When my son was two, we lived in a tiny little apartment in a city where snow was constant all winter. We also had a new baby, so we stayed home a lot. My husband installed a pair of gymnastics rings in the hallway of our apartment, and my 2 year old would hold on and lift up his feet. Then, he figured out how to spin. Now he’s 6 and still uses them every day!
Those rings have been used with with 3 kids, and have saved my sanity as a stay at home mom! It’s been the best indoor toddler activity I have ever had, and I tell everyone to install them. It’s my secret weapon to get the kids moving indoors.
Blue and Hazel site is a participant in the Amazon Services LLC Associates Program, an affiliate advertising program designed to provide a means for us to earn fees by linking to Amazon.com and affiliated sites
Supplies needed to install gymnastics rings
Gymnastics rings can be set up in a home or apartment, are inexpensive, and your kids will wander over to them whenever they get bored! You will need:
- Rings with straps
- Some heavy duty eye screws that will hold the straps and rings.
- Carabiners (possibly optional depending on what rings and size of your screw) to connect the rings to the screw.
- A drill to pre drill 2 holes for the large screws
Here’s how to install this in your home and what kids will be able to do at different ages on them!
Buy a set of gymnastics rings
The original rings we bought on Amazon are no longer sold. Bummer! I’m not going to link the second set I bought because they have thicker 1.5 inch straps that don’t spin as well. That’s fine for just hanging on, but kids eventually want to spin and thin straps just wrap around each other better.
Since we already own two sets of rings, I’ll probably have my hubby just swap out the straps with some rope. A few things to keep in mind when you are buying rings:
Adult gymnastics rings work for kids. My littlest (almost 3) can hang onto adult gymnastic rings. Adult rings do have bigger rings, but often come with longer straps that can be easily lowered. The main thing to note if you buy “kid rings” is to measure the length of the straps and make sure it will hang low enough where you want to hang it from.
Thin straps are better. Also because kids are not using these to work out, but rather to spin and do tricks on, you don’t want thick straps like most come with. We just bought a second pair with thick (1.5 inch) straps and they don’t wind up as well or spin as well. These gynnastics rings seem to have just 1 inch straps, so I might try those.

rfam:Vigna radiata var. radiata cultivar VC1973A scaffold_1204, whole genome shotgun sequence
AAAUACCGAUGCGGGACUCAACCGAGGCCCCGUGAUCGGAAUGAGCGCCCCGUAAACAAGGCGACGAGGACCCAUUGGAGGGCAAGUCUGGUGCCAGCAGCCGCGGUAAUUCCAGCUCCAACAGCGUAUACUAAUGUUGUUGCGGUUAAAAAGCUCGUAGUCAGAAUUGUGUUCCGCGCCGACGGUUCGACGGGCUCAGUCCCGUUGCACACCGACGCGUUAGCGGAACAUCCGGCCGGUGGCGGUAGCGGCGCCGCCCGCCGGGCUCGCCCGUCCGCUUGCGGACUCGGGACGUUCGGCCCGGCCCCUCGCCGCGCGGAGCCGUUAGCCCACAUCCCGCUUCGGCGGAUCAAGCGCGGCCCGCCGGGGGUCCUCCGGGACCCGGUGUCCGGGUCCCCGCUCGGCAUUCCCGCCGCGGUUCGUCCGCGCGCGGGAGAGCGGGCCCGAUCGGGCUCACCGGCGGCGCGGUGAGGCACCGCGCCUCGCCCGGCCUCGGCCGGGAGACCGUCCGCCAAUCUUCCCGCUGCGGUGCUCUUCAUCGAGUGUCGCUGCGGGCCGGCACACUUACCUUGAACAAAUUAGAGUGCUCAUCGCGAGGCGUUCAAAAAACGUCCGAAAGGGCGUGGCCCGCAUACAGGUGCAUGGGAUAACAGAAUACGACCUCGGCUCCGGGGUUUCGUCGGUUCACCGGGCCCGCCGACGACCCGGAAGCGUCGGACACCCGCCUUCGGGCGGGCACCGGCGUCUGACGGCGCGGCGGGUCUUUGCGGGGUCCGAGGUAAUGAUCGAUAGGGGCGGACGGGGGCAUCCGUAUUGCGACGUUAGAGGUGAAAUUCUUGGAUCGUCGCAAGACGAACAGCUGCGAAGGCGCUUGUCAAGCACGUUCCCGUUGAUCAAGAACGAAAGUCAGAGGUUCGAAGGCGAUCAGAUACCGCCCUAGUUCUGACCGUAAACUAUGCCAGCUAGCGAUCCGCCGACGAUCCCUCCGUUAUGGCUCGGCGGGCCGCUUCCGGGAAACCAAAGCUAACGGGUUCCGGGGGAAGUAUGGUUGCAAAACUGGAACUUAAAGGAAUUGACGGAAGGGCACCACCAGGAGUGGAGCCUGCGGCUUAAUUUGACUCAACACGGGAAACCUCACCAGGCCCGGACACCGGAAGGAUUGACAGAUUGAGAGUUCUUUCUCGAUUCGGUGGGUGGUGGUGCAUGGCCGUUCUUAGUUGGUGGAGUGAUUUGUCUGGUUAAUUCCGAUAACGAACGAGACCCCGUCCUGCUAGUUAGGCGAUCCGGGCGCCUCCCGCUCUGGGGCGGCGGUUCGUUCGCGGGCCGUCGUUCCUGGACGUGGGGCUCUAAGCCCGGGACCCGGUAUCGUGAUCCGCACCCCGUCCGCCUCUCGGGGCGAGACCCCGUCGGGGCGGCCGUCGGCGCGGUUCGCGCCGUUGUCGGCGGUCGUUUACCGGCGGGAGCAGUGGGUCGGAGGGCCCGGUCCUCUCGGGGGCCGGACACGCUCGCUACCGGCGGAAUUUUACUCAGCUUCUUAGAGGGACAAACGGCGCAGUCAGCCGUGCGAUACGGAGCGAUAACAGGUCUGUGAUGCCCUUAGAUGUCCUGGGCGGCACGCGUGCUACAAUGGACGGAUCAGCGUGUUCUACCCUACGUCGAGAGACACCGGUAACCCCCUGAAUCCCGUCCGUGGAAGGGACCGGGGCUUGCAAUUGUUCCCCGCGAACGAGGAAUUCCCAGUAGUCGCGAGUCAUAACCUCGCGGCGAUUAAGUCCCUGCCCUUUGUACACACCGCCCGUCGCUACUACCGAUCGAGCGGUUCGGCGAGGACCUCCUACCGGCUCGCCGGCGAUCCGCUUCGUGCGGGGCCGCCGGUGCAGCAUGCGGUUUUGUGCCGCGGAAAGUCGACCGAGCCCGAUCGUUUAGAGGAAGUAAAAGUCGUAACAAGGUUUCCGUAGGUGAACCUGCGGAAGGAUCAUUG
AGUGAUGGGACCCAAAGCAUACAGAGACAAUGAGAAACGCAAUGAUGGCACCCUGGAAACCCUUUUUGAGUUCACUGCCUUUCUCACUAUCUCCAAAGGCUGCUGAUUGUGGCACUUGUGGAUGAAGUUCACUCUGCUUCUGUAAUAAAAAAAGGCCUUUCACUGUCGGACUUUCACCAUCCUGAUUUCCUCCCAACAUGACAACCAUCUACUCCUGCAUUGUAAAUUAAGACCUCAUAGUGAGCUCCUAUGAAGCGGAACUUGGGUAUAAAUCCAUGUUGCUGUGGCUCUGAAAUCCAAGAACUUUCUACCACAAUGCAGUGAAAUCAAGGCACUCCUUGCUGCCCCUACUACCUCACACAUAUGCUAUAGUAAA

You’ll need a way to hang your rings from a beam in the ceiling or a wide enough doorway or hallway. We got ours at a hardware store but they are heavy duty!
You can click either pic below to get that set on Amazon. Both would work, and can hold a lot of weight (supposedly 600 lbs, although I would never hang that much from them!)
How to install your gymnastics rings
You’ll need to find a sturdy beam in your home. My husband used a stud finder to figure out where he could put the screws into the ceiling in the apartment hallway.
Pre drill two holes with a smaller drill bit than the actual screw size. This makes it easier to get the thick screws into the wood.
Just estimate how far apart you think they should be, it doesn’t really matter. Shoulder width is fine. Our new set hangs from a pull up bar, so their distance from each other changes all the time.
Screw in your hardware into the ceiling or door frame.
Connect the carabiner, and then thread the ring straps through the carabiner!
Adjust the height of your rings as needed! Now get ready for hours of free entertainment!
What age can my kid use gymnastics rings?
We installed our first set when my oldest was 2. We now have 3 kids and all use them, starting around age 2! What you can expect with a 2 year old or even an older kid new to rings:
They will just hang on them at first. No tricks. They’ll have to get used to the feeling.
Pretty soon they’ll start to sway back and forth and see what happens. Then they’ll figure out how to spin on one foot. Then you’ll think your kid was an olympic ice skater doing 360’s and wonder how they don’t puke.
It’s incredible for strengthening their upper arms, shoulders, and abs by simply holding their own body weight!
Other indoor climbing ideas for kids
Install an indoor swing
Using the exact same setup to hang a swing from, simply purchase a swing and attach it to the same hardware that your rings would hang on. Or, you could do what my hubs did and he drilled holes through a piece of wood, bought rope, thread the rope through the board, thread the rope through the ceiling hardware, and tie an epic knot.
Just FYI, one of my kids is almost always on the swing. They just love it and go to their little happy la-la land or something. The downside of a swing in the door frame is that it restricts movement in the house. As of now, it’s worth it to me. But this may drive you nuts if it’s hard to pass, or if you have kids that could get easily bonked at home (like a crawler).
A pull up bar
We converted the “3rd” bedroom into a workout room/climbing room.
My husband put up this pull up bar once we moved out of an apartment and into a house. It’s heavy duty, and you would need to have it in some solid beams. But we all use it!
And now instead of hanging our rings in a hallway or from a door frame, we hang them from the pull up bar, along with a climbing rope. It allows the 5 and 6 year old to do crazier tricks, spins, and even flips now.
This would be an awesome addition to hang from a tree outside, or inside if you have a spot!
How do your kids get exercise inside?
I’d love to know how your kids get out their wiggles. Do you have anything they use every day? I have had my eye on a Nugget, but at the high price point it’s hard for me to commit. And if you haven’t already, I’d love for you to follow me on Pinterest!